To put that in perspective, Fernandez said that one species of plankton-sized crustaceans, the copepod, is estimated to produce billions of tons of chitin each year.

“That means that they have produced in the last 12 months roughly the same amount of chitin than the worldwide plastic production since 2009,” he said in an email.

According to the Wyss Institute, humans manufacture about 34 million tons of plastic waste per year, recycling a mere seven percent. The remaining 93 percent ends up in landfills and oceans.

Wyss said that plastic in landfills could take up to 1,000 years to degrade, and that there is an estimated 100 million tons of plastic swirling around in the world’s oceans.

“There is an urgent need in many industries for sustainable materials that can be mass produced,” Wyss Director Donald E. Ingber said in a statement. “Our scalable manufacturing method shows that chitosan, which is readily available and inexpensive, can serve as a viable bioplastic that could potentially be used instead of conventional plastics for numerous industrial applications.”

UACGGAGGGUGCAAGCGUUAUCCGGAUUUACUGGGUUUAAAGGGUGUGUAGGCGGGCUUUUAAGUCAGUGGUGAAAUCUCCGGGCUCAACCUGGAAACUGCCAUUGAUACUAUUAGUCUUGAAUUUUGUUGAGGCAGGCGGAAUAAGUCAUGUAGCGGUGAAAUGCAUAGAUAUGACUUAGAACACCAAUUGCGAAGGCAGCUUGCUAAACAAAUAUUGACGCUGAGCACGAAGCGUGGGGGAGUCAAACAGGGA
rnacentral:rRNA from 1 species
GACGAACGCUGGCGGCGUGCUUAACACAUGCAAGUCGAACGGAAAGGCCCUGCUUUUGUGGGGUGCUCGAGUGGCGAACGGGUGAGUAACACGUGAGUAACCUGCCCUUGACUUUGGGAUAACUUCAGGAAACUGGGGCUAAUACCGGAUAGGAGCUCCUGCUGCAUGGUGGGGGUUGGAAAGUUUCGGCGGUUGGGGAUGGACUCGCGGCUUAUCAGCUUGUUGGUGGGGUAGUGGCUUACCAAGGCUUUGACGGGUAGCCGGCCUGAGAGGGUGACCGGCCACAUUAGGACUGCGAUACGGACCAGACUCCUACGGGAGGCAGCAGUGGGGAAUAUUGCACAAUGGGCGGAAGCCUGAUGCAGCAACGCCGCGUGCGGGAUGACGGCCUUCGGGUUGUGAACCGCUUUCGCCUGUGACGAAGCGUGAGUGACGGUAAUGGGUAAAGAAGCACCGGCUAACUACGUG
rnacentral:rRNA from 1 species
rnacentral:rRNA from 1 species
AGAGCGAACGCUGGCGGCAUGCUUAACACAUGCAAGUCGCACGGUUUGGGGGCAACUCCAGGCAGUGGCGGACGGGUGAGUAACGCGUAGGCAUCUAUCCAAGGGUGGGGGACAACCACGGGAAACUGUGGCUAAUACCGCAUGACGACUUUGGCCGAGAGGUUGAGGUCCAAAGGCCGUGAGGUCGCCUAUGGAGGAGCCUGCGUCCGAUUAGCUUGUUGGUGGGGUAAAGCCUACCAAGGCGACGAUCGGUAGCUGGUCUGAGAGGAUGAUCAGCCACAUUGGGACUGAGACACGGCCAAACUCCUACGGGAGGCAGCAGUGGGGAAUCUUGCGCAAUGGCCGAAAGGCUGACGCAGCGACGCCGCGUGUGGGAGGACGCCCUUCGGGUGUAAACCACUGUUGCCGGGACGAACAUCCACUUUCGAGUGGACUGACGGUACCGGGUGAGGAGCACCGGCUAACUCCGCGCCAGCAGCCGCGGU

While there are several bioplastics on the market, they are commonly made of cellulose, a plant-based material. These, Wyss researchers say, have only been made into “simple containers for food or drinks.”

So far, shaping cellulose into durable, complex 3D shapes that can be mass produced using  “traditional casting or injection molding manufacturing techniques” has remained elusive, researchers at Wyss said.

While Harvard researchers have made cups and food containers from chitosan, they say it could also be used to make trash bags, grocery bags, packaging materials and diapers that are biodegradable and release nutrients for plants.